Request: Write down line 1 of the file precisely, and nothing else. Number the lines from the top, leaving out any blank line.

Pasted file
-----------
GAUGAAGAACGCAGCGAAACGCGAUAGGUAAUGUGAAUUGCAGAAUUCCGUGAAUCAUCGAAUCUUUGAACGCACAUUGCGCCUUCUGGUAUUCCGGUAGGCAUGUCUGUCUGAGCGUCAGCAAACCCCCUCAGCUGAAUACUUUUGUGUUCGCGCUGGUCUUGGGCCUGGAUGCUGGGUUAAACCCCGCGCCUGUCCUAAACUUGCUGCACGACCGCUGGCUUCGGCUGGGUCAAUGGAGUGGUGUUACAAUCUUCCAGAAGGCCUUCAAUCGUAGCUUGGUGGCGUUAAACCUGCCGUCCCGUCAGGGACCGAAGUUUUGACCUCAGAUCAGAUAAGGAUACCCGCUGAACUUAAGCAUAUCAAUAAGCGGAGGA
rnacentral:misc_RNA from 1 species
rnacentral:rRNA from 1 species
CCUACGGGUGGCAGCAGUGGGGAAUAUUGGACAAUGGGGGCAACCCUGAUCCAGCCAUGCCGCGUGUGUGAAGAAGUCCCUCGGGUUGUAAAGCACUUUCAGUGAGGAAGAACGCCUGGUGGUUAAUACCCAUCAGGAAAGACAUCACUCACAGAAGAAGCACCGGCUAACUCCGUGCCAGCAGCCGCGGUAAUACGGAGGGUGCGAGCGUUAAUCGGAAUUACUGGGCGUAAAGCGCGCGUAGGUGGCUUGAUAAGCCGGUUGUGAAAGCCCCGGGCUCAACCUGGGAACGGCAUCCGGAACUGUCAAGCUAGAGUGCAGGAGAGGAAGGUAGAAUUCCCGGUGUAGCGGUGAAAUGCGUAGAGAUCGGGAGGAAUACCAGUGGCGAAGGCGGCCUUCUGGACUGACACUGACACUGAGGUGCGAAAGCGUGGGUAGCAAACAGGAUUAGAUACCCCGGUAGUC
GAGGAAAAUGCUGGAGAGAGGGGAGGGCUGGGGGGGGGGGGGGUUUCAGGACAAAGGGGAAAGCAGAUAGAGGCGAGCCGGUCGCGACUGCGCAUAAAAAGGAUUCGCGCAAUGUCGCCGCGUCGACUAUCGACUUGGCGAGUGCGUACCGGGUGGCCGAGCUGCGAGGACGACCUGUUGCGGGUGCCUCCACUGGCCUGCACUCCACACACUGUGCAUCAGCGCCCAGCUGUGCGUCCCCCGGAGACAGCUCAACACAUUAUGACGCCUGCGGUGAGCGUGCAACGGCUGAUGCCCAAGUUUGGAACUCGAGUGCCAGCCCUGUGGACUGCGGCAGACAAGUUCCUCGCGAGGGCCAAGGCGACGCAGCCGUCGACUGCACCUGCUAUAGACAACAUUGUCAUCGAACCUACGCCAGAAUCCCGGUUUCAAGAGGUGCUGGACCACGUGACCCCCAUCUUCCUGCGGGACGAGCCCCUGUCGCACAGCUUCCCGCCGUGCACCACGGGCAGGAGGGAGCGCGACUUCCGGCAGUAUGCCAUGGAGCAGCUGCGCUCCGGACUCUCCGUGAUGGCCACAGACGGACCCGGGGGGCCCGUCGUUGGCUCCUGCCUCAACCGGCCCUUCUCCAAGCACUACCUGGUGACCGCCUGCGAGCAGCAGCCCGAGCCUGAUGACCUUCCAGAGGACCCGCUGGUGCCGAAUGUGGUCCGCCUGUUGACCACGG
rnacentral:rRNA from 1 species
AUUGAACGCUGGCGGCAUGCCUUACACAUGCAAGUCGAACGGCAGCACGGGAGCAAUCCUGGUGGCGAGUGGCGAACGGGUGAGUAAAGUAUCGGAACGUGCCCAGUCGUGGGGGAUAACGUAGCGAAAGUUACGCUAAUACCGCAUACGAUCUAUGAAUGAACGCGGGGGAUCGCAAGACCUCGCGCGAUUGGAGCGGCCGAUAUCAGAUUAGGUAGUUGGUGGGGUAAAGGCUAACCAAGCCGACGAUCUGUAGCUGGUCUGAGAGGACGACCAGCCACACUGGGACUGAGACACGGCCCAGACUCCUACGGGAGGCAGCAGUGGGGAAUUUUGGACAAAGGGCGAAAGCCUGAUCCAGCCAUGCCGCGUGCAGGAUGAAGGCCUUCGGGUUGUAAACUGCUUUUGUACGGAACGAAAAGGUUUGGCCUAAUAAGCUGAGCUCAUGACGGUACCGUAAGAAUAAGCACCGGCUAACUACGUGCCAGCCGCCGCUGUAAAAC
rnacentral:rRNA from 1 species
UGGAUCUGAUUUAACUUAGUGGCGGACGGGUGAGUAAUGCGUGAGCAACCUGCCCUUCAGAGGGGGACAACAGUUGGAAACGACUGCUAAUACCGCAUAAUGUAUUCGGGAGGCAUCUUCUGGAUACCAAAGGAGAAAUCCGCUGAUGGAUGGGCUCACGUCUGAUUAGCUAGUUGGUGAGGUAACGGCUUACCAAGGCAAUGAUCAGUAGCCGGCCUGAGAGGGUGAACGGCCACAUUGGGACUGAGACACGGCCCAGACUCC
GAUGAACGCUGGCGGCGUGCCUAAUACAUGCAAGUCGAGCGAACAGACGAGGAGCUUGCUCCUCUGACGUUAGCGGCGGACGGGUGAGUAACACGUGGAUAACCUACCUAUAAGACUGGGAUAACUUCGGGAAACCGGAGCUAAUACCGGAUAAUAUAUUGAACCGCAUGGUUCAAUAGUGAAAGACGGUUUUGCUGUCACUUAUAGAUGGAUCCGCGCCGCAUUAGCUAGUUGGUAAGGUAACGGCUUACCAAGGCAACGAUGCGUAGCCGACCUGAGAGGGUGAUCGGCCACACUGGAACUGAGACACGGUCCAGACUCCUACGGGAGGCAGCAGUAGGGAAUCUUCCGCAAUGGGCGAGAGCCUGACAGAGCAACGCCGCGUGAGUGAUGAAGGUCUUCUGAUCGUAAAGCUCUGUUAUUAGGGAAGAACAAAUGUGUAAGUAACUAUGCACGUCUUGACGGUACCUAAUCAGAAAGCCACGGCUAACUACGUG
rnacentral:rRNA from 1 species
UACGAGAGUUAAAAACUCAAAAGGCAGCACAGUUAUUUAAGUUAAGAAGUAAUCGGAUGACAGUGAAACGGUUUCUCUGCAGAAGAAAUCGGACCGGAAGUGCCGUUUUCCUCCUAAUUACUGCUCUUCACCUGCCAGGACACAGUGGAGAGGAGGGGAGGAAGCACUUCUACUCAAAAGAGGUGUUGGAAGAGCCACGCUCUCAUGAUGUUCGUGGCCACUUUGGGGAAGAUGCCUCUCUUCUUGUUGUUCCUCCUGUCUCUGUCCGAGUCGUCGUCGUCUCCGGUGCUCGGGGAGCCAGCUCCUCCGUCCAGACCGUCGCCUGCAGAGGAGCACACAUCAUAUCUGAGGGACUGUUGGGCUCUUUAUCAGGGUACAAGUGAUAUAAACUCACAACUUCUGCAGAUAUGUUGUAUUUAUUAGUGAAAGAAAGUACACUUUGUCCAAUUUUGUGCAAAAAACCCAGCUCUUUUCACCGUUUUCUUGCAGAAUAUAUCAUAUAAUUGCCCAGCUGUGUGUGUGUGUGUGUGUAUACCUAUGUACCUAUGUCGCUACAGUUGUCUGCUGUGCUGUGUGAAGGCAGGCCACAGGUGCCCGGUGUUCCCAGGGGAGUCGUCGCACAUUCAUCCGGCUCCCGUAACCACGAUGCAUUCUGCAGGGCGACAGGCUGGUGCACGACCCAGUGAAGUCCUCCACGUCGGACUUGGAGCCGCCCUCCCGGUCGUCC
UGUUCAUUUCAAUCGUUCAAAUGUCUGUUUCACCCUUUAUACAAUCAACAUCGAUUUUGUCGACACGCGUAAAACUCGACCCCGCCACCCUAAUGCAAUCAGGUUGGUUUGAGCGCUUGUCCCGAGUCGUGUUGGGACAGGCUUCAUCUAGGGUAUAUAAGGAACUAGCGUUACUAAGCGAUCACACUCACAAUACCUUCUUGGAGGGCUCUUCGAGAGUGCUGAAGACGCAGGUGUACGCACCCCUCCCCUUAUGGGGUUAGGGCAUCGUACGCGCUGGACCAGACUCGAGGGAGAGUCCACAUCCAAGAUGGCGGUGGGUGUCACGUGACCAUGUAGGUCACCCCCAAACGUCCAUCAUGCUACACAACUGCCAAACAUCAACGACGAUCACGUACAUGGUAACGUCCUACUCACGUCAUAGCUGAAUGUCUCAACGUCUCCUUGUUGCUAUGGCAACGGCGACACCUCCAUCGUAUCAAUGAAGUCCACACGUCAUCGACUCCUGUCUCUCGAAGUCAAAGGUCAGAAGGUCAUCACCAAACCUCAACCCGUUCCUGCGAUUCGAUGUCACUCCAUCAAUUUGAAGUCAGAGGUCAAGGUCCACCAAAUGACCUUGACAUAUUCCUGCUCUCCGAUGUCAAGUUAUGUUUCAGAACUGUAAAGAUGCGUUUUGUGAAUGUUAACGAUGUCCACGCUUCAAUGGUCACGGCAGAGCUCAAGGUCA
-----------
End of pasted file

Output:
GAUGAAGAACGCAGCGAAACGCGAUAGGUAAUGUGAAUUGCAGAAUUCCGUGAAUCAUCGAAUCUUUGAACGCACAUUGCGCCUUCUGGUAUUCCGGUAGGCAUGUCUGUCUGAGCGUCAGCAAACCCCCUCAGCUGAAUACUUUUGUGUUCGCGCUGGUCUUGGGCCUGGAUGCUGGGUUAAACCCCGCGCCUGUCCUAAACUUGCUGCACGACCGCUGGCUUCGGCUGGGUCAAUGGAGUGGUGUUACAAUCUUCCAGAAGGCCUUCAAUCGUAGCUUGGUGGCGUUAAACCUGCCGUCCCGUCAGGGACCGAAGUUUUGACCUCAGAUCAGAUAAGGAUACCCGCUGAACUUAAGCAUAUCAAUAAGCGGAGGA